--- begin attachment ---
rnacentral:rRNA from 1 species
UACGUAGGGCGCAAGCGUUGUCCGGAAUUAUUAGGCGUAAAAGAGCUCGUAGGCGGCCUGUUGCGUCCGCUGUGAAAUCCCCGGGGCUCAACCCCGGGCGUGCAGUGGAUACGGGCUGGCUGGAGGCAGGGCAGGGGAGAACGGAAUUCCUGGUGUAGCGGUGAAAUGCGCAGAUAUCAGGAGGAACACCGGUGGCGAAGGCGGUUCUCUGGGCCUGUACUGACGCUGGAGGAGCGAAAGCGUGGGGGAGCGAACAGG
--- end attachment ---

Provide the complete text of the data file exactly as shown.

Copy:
rnacentral:rRNA from 1 species
UACGUAGGGCGCAAGCGUUGUCCGGAAUUAUUAGGCGUAAAAGAGCUCGUAGGCGGCCUGUUGCGUCCGCUGUGAAAUCCCCGGGGCUCAACCCCGGGCGUGCAGUGGAUACGGGCUGGCUGGAGGCAGGGCAGGGGAGAACGGAAUUCCUGGUGUAGCGGUGAAAUGCGCAGAUAUCAGGAGGAACACCGGUGGCGAAGGCGGUUCUCUGGGCCUGUACUGACGCUGGAGGAGCGAAAGCGUGGGGGAGCGAACAGG